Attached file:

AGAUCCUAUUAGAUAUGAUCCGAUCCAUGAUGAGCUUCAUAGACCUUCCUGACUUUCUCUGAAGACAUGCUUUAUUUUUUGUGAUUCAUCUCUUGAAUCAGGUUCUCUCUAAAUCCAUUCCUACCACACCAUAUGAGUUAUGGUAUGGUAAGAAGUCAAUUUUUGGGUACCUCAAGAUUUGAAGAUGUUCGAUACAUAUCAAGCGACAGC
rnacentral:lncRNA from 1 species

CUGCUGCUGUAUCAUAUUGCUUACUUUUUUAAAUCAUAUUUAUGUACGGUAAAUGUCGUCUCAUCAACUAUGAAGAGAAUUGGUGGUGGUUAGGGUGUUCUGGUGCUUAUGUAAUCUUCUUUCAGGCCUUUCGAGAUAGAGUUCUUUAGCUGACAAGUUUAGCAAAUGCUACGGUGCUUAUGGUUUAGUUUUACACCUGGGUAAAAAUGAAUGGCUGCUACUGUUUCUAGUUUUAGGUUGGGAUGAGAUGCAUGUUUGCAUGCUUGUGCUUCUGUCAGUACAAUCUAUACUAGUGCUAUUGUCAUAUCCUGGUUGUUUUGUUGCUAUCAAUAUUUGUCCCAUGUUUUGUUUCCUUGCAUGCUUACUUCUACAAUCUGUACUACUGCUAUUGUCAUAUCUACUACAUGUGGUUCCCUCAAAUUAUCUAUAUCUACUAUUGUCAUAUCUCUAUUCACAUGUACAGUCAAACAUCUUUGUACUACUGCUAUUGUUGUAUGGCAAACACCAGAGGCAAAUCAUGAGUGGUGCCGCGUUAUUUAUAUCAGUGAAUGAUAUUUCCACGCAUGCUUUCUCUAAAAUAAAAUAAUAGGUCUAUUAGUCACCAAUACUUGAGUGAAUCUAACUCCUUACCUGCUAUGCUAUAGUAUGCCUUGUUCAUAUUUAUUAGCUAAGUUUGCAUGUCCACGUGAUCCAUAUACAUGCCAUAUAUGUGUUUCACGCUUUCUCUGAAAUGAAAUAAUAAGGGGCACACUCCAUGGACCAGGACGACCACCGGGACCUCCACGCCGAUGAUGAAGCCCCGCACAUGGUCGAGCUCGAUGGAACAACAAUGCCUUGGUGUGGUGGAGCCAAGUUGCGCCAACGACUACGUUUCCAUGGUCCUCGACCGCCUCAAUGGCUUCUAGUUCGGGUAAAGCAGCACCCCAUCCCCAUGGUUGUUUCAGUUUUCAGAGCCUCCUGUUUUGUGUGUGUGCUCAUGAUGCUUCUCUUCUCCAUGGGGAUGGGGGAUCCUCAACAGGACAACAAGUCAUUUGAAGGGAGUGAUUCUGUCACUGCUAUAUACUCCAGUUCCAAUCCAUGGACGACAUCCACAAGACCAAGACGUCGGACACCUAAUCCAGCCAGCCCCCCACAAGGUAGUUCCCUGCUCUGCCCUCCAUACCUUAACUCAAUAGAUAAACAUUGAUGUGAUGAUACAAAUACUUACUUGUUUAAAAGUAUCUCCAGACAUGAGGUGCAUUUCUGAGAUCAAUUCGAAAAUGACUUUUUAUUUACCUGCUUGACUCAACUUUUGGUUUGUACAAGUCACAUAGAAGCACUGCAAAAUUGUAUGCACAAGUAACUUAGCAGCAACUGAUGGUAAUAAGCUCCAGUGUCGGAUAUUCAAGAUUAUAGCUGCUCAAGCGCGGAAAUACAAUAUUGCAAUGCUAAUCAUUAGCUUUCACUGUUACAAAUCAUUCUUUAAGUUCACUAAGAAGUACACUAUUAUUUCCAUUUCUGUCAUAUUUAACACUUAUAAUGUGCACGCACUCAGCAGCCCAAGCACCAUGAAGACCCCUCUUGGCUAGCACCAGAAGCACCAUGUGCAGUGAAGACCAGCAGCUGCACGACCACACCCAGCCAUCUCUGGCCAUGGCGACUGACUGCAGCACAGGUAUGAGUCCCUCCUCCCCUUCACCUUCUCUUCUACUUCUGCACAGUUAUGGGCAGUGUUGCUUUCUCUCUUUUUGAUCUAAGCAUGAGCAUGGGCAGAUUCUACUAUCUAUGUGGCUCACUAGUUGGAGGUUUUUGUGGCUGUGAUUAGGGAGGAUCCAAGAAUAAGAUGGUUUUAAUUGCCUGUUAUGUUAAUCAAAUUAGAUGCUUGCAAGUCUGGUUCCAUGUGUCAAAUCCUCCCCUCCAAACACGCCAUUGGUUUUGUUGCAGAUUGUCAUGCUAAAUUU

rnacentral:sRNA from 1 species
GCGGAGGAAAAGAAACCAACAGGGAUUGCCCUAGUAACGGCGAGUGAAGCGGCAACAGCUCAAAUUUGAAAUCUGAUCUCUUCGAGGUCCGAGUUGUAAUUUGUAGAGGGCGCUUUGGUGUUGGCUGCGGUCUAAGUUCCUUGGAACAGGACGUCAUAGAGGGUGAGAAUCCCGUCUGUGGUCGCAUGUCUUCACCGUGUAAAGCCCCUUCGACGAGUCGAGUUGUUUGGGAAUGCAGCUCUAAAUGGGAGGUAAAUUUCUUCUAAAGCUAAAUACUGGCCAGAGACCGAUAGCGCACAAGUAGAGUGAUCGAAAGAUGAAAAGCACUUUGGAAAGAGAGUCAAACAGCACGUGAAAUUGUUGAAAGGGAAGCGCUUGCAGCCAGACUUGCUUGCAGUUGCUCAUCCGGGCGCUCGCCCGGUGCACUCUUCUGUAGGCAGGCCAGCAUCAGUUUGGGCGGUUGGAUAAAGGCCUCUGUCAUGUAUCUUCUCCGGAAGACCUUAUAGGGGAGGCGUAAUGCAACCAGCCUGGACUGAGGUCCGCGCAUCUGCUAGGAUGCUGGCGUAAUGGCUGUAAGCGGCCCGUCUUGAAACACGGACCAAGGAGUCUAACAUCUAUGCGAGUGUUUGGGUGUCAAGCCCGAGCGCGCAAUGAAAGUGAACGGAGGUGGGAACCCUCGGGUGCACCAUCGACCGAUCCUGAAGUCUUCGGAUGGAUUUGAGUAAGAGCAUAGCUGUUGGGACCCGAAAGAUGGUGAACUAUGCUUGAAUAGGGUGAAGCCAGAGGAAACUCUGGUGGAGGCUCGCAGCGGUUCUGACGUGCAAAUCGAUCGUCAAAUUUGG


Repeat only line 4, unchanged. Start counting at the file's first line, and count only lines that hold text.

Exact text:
rnacentral:sRNA from 1 species